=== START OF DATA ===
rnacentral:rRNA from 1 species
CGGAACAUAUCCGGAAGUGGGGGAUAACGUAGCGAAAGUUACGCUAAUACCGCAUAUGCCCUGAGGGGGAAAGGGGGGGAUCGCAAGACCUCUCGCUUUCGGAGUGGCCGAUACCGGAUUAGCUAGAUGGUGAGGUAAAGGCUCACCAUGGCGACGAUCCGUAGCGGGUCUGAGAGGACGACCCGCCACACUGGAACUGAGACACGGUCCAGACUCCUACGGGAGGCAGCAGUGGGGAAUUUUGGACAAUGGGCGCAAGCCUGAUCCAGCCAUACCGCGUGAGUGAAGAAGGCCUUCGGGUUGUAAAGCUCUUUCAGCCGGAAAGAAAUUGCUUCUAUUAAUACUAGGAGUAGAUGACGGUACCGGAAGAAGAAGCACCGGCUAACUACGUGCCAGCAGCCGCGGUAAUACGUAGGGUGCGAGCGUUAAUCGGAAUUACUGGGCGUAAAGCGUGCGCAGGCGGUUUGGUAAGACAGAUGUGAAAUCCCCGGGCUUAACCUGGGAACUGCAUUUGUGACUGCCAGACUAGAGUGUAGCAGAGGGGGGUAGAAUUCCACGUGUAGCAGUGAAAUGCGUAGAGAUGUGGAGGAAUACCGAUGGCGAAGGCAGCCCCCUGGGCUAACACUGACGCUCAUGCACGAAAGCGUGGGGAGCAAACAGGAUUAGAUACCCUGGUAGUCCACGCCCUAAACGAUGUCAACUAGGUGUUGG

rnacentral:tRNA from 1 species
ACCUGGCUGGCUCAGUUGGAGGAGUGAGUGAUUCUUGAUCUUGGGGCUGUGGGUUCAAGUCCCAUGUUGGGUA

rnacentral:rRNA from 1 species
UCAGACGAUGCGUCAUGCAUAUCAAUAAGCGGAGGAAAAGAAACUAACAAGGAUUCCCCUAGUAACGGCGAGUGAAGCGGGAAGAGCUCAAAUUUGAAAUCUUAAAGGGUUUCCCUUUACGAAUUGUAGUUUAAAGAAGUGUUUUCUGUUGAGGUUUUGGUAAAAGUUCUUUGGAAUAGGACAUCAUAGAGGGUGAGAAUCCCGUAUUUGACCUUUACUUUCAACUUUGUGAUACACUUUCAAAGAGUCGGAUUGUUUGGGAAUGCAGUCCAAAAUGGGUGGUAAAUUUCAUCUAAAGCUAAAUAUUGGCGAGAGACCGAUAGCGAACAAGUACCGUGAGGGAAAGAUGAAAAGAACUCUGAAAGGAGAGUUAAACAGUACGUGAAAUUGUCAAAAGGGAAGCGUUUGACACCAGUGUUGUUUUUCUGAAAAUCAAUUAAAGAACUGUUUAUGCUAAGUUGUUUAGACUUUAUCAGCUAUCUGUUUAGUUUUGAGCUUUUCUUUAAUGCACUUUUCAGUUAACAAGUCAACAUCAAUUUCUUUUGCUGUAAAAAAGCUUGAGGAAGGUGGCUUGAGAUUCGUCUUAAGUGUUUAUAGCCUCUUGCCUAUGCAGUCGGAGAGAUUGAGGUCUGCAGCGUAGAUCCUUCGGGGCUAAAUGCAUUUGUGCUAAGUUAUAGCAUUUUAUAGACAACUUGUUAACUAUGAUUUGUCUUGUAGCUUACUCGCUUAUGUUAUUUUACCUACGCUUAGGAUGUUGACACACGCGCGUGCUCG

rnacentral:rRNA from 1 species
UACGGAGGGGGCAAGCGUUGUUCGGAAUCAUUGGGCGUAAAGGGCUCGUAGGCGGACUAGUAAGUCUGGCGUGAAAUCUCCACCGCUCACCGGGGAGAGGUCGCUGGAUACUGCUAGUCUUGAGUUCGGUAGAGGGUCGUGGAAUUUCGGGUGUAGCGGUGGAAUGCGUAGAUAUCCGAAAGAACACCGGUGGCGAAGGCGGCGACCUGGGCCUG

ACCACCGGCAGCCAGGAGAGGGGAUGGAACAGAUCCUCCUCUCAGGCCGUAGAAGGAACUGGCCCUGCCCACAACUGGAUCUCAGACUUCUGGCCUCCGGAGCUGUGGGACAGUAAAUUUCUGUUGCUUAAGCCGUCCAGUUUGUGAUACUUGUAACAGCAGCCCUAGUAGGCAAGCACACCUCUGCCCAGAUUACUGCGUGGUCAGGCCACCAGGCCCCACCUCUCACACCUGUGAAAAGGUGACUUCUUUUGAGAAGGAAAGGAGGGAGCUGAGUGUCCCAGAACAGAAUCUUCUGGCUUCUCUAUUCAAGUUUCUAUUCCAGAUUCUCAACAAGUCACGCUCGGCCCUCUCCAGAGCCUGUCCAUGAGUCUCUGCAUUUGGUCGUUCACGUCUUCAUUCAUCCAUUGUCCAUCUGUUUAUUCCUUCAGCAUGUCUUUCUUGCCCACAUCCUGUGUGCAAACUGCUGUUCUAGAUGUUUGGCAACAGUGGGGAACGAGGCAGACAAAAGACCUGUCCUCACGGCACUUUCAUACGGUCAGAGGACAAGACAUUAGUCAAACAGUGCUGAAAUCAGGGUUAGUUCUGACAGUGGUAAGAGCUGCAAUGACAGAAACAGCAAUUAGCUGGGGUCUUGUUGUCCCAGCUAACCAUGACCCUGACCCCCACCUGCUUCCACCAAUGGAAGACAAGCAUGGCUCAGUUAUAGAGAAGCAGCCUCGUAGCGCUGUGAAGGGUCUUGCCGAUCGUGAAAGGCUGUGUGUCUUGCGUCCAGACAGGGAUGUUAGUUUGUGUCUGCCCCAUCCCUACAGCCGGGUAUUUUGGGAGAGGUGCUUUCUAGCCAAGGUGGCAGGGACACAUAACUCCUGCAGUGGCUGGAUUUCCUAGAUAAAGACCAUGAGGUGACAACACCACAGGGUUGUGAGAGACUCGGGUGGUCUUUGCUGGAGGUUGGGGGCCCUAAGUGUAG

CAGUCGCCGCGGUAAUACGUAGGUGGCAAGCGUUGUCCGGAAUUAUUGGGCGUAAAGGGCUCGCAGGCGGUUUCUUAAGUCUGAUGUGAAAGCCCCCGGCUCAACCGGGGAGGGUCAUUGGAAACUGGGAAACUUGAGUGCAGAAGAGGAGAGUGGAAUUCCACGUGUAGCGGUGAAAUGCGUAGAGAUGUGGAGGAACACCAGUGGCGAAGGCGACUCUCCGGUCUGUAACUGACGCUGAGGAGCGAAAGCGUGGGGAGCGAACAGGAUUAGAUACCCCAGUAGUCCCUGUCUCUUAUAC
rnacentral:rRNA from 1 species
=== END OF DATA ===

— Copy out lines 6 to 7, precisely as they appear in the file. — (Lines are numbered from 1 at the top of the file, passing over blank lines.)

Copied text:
UCAGACGAUGCGUCAUGCAUAUCAAUAAGCGGAGGAAAAGAAACUAACAAGGAUUCCCCUAGUAACGGCGAGUGAAGCGGGAAGAGCUCAAAUUUGAAAUCUUAAAGGGUUUCCCUUUACGAAUUGUAGUUUAAAGAAGUGUUUUCUGUUGAGGUUUUGGUAAAAGUUCUUUGGAAUAGGACAUCAUAGAGGGUGAGAAUCCCGUAUUUGACCUUUACUUUCAACUUUGUGAUACACUUUCAAAGAGUCGGAUUGUUUGGGAAUGCAGUCCAAAAUGGGUGGUAAAUUUCAUCUAAAGCUAAAUAUUGGCGAGAGACCGAUAGCGAACAAGUACCGUGAGGGAAAGAUGAAAAGAACUCUGAAAGGAGAGUUAAACAGUACGUGAAAUUGUCAAAAGGGAAGCGUUUGACACCAGUGUUGUUUUUCUGAAAAUCAAUUAAAGAACUGUUUAUGCUAAGUUGUUUAGACUUUAUCAGCUAUCUGUUUAGUUUUGAGCUUUUCUUUAAUGCACUUUUCAGUUAACAAGUCAACAUCAAUUUCUUUUGCUGUAAAAAAGCUUGAGGAAGGUGGCUUGAGAUUCGUCUUAAGUGUUUAUAGCCUCUUGCCUAUGCAGUCGGAGAGAUUGAGGUCUGCAGCGUAGAUCCUUCGGGGCUAAAUGCAUUUGUGCUAAGUUAUAGCAUUUUAUAGACAACUUGUUAACUAUGAUUUGUCUUGUAGCUUACUCGCUUAUGUUAUUUUACCUACGCUUAGGAUGUUGACACACGCGCGUGCUCG

rnacentral:rRNA from 1 species